counterconditioning


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count·er·con·di·tion·ing

(kown'ter-kon-di'shŭn-ing),
Any of a group of specific behavior therapy techniques in which a second conditioned response (for example, approaching or even touching a snake) is introduced for the express purpose of counteracting or nullifying a previously conditioned or learned response (fear and avoidance of snakes).

counterconditioning

(koun′tər-kən-dĭsh′ə-nĭng)
n. Psychology
Conditioning intended to replace a negative response to a stimulus with a positive response.

count·er·con·di·tion·ing

(kown'tĕr-kon-dish'ŭn-ing)
Any behavior therapy in which a second conditioned response (e.g., approaching or even touching a snake) is introduced for the purpose of counteracting or nullifying a previously conditioned or learned response (e.g., fear and avoidance of snakes).
References in periodicals archive ?
Counterconditioning in the treatment of spider phobia: effects on disgust, fear and valence.
Outcome-specific transfer between predictive and instrumental learning is unaffected by extinction but reversed by counterconditioning in human participants.
When you want to stop the counterconditioning, put Izzy away so you and your guests can relax, and so she won't have the opportunity to practice her inappropriate behavior.
Witkiewitz and colleagues argued that mindfulness meditation disrupts this cycle by ushering in curative mechanisms in the form of nonjudgmental, nonreactive awareness and acceptance of the craving response, thus acting as a form of counterconditioning that can serve as an alternative to addiction.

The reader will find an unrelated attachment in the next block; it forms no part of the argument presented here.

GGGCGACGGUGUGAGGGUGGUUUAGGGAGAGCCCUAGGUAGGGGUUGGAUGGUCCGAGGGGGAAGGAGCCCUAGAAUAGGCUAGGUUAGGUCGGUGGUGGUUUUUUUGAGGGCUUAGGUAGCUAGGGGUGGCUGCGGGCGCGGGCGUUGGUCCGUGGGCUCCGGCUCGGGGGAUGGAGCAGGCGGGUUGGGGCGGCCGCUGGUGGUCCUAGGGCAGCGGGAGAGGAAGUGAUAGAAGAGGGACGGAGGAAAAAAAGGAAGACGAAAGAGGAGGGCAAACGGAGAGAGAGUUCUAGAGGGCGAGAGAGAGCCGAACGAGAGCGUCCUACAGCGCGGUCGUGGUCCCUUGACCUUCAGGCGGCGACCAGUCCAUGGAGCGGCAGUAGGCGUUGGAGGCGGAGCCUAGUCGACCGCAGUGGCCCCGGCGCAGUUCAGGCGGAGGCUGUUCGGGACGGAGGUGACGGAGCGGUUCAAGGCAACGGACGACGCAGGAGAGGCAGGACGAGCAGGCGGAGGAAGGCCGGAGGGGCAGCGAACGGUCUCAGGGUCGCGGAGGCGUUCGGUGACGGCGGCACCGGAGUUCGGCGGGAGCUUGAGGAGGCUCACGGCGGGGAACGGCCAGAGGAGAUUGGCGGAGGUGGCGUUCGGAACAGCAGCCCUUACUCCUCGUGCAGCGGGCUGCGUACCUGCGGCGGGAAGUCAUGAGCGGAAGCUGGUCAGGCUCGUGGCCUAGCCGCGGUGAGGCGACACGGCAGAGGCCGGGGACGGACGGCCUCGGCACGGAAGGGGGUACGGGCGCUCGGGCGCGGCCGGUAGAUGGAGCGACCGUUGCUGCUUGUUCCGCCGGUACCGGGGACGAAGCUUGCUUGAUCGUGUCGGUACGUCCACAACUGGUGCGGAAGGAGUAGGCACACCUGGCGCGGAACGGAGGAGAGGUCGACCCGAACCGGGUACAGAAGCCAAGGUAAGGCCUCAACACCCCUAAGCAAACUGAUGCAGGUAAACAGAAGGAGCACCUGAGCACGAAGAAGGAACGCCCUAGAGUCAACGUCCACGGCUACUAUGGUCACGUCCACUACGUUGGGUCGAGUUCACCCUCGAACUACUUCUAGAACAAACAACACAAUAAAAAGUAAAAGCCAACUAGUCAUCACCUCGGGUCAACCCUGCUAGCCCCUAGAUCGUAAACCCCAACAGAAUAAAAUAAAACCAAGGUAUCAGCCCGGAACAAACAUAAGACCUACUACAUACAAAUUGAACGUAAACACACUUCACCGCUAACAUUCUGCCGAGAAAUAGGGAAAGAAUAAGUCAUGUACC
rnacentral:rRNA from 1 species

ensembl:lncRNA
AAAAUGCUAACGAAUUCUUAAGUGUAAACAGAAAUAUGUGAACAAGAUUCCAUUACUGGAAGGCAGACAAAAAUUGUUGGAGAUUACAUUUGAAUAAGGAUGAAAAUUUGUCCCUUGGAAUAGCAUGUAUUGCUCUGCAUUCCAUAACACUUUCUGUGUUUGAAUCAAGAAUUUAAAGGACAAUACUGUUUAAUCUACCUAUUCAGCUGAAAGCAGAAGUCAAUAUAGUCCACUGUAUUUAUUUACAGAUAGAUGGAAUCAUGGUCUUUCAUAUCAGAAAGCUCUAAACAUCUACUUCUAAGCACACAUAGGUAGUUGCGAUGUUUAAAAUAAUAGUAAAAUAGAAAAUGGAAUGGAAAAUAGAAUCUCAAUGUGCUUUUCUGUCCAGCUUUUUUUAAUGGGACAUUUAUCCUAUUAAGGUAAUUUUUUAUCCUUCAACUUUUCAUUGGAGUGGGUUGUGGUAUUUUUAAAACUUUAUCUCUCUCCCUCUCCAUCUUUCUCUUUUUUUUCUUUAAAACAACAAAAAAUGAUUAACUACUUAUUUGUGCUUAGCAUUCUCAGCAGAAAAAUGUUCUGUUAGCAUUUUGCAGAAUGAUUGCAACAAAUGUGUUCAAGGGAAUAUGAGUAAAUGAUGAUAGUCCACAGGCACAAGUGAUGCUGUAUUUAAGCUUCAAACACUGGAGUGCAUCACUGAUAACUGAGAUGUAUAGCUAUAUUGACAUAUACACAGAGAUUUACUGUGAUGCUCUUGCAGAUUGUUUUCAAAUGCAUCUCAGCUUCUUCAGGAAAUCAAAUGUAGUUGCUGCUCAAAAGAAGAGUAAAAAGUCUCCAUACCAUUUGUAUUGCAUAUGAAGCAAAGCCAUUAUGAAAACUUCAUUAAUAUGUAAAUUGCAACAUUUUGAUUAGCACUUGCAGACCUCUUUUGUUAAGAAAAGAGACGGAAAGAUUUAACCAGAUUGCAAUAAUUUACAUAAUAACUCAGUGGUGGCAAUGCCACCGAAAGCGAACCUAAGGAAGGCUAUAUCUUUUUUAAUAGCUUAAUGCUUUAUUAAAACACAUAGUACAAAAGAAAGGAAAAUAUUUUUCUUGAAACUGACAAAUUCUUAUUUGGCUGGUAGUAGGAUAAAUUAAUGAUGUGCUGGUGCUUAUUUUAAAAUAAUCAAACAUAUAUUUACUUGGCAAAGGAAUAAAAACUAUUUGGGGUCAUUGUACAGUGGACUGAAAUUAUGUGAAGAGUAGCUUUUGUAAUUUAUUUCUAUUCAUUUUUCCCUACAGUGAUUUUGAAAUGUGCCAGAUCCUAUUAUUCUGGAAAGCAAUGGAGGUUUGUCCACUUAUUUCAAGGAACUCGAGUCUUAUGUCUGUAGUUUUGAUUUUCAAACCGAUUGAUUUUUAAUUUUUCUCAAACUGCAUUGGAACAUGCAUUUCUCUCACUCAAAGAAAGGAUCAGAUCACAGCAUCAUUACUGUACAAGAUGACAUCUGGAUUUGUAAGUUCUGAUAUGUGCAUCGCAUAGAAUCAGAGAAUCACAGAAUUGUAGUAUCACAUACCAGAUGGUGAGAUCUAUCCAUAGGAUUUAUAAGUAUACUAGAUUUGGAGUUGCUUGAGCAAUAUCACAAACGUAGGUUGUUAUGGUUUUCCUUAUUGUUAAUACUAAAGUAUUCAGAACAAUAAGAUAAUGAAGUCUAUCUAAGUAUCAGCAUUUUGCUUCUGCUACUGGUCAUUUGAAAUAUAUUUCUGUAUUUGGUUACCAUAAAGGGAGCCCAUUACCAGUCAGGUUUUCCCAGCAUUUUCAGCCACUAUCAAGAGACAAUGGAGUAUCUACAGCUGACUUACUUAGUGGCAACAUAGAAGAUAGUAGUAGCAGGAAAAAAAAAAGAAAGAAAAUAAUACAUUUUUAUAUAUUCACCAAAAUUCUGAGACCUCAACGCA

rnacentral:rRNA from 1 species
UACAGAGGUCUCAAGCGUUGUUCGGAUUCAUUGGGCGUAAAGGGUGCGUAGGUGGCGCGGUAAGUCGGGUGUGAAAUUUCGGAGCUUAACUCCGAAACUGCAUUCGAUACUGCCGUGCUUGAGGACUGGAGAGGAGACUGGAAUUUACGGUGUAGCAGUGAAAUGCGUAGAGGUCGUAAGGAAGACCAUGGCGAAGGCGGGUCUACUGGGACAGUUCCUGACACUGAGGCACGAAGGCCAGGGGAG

(b) Training (step up, step down, clicker training, etc)/behavior modification (habituation, desensitization, counterconditioning, etc).
--Fear-induced aggression: Identify eliciting stimuli and initiate counterconditioning.
Process studies in language conditioning--I: Counterconditioning of anxiety by "calm" words.
Counterconditioning Teaching a behavior that is incompatible with the undesirable behavior.
Behavioral habituation, counterconditioning, and a general theory of persistence.
It is necessary to identify how these behaviors were learned (Module 4) as well as how these behaviors continue to be maintained if effective counterconditioning techniques are to be implemented.
Prochaska lists these as: Consciousness Raising, Self-Reevaluation, Self-Liberation, Counterconditioning, Stimulus Control, Reinforcement Management, Helping Relationships, Dramatic Relief, Environmental Reevaluation, and Social Liberation.